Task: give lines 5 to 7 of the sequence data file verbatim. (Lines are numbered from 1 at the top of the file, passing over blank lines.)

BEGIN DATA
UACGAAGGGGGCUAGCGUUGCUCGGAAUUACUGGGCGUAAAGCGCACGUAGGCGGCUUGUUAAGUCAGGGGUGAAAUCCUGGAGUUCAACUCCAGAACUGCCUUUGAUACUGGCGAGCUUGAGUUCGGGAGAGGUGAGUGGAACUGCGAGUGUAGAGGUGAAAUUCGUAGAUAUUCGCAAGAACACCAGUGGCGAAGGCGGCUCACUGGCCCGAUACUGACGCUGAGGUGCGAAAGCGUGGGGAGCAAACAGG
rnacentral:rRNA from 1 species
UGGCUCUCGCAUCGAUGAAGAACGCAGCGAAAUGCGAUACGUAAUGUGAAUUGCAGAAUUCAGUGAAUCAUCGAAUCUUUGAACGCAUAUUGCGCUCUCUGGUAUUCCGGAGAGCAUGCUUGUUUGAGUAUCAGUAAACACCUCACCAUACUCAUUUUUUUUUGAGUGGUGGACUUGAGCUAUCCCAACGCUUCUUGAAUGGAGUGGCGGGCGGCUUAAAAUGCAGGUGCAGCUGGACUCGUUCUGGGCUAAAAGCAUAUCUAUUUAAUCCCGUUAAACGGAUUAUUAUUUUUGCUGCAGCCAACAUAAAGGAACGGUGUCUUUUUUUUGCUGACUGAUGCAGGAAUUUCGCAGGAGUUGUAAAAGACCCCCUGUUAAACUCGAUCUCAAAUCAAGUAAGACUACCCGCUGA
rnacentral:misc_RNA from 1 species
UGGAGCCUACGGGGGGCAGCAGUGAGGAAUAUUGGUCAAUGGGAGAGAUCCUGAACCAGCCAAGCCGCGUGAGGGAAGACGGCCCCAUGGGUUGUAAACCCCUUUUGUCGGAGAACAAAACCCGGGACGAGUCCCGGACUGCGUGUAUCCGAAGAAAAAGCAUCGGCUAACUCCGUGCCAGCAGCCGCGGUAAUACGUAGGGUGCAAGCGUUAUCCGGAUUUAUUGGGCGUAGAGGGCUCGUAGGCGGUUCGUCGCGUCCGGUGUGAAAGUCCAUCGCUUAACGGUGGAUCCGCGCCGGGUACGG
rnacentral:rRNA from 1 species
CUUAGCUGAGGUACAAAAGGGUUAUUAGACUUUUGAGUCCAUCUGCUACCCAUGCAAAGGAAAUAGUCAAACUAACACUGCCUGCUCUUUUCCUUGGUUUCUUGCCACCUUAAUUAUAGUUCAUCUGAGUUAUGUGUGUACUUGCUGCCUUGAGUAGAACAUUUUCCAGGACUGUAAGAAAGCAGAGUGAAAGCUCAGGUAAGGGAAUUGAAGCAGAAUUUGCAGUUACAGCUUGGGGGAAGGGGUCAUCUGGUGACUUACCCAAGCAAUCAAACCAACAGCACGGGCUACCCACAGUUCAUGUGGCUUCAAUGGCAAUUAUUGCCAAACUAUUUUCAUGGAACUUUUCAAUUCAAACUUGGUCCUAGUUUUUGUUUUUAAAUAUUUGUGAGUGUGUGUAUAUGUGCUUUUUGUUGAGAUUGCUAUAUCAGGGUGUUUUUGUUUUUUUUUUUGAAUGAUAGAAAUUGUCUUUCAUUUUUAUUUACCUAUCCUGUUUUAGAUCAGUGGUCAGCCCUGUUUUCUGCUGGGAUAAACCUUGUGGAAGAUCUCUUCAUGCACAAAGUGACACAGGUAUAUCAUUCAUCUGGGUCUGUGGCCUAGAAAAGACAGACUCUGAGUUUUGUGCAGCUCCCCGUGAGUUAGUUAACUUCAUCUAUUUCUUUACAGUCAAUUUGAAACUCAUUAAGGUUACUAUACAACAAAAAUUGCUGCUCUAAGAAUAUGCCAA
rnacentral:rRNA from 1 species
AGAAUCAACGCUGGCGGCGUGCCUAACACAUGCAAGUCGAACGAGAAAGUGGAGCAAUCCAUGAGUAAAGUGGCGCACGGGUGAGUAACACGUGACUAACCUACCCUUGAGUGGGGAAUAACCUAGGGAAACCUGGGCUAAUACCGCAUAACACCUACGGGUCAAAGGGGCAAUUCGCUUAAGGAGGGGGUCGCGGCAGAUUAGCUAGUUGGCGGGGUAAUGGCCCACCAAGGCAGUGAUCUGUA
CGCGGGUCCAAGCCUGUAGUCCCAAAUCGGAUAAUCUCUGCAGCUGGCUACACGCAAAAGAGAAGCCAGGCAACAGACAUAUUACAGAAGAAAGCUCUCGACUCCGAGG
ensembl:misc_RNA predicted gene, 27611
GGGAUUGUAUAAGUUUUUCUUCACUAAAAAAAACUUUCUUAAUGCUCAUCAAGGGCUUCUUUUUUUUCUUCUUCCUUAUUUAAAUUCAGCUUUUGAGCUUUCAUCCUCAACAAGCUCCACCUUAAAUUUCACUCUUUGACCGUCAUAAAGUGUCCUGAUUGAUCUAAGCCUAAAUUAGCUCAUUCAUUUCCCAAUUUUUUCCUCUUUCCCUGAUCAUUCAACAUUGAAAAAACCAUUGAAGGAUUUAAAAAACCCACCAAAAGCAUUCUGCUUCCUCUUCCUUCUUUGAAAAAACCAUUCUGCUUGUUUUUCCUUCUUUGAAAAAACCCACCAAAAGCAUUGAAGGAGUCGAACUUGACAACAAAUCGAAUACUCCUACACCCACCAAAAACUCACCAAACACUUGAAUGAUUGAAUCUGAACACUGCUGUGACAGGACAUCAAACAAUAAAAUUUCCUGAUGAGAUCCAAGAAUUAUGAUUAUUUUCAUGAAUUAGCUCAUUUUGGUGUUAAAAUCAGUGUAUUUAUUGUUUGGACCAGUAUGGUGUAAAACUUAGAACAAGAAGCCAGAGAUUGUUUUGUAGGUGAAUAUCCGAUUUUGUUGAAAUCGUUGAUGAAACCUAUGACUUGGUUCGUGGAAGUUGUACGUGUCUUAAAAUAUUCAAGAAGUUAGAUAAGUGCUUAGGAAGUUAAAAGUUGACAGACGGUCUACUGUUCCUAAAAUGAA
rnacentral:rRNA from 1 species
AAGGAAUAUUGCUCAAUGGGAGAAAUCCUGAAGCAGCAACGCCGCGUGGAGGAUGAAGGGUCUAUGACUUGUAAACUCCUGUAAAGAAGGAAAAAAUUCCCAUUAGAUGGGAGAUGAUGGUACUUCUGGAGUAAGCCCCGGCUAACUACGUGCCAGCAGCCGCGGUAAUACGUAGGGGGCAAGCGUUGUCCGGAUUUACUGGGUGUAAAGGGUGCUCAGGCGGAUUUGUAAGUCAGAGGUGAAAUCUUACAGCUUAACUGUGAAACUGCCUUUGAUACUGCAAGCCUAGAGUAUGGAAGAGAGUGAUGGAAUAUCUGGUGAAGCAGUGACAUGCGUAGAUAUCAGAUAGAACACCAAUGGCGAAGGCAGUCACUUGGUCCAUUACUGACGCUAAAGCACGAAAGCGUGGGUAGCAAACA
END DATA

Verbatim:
UGGAGCCUACGGGGGGCAGCAGUGAGGAAUAUUGGUCAAUGGGAGAGAUCCUGAACCAGCCAAGCCGCGUGAGGGAAGACGGCCCCAUGGGUUGUAAACCCCUUUUGUCGGAGAACAAAACCCGGGACGAGUCCCGGACUGCGUGUAUCCGAAGAAAAAGCAUCGGCUAACUCCGUGCCAGCAGCCGCGGUAAUACGUAGGGUGCAAGCGUUAUCCGGAUUUAUUGGGCGUAGAGGGCUCGUAGGCGGUUCGUCGCGUCCGGUGUGAAAGUCCAUCGCUUAACGGUGGAUCCGCGCCGGGUACGG
rnacentral:rRNA from 1 species
CUUAGCUGAGGUACAAAAGGGUUAUUAGACUUUUGAGUCCAUCUGCUACCCAUGCAAAGGAAAUAGUCAAACUAACACUGCCUGCUCUUUUCCUUGGUUUCUUGCCACCUUAAUUAUAGUUCAUCUGAGUUAUGUGUGUACUUGCUGCCUUGAGUAGAACAUUUUCCAGGACUGUAAGAAAGCAGAGUGAAAGCUCAGGUAAGGGAAUUGAAGCAGAAUUUGCAGUUACAGCUUGGGGGAAGGGGUCAUCUGGUGACUUACCCAAGCAAUCAAACCAACAGCACGGGCUACCCACAGUUCAUGUGGCUUCAAUGGCAAUUAUUGCCAAACUAUUUUCAUGGAACUUUUCAAUUCAAACUUGGUCCUAGUUUUUGUUUUUAAAUAUUUGUGAGUGUGUGUAUAUGUGCUUUUUGUUGAGAUUGCUAUAUCAGGGUGUUUUUGUUUUUUUUUUUGAAUGAUAGAAAUUGUCUUUCAUUUUUAUUUACCUAUCCUGUUUUAGAUCAGUGGUCAGCCCUGUUUUCUGCUGGGAUAAACCUUGUGGAAGAUCUCUUCAUGCACAAAGUGACACAGGUAUAUCAUUCAUCUGGGUCUGUGGCCUAGAAAAGACAGACUCUGAGUUUUGUGCAGCUCCCCGUGAGUUAGUUAACUUCAUCUAUUUCUUUACAGUCAAUUUGAAACUCAUUAAGGUUACUAUACAACAAAAAUUGCUGCUCUAAGAAUAUGCCAA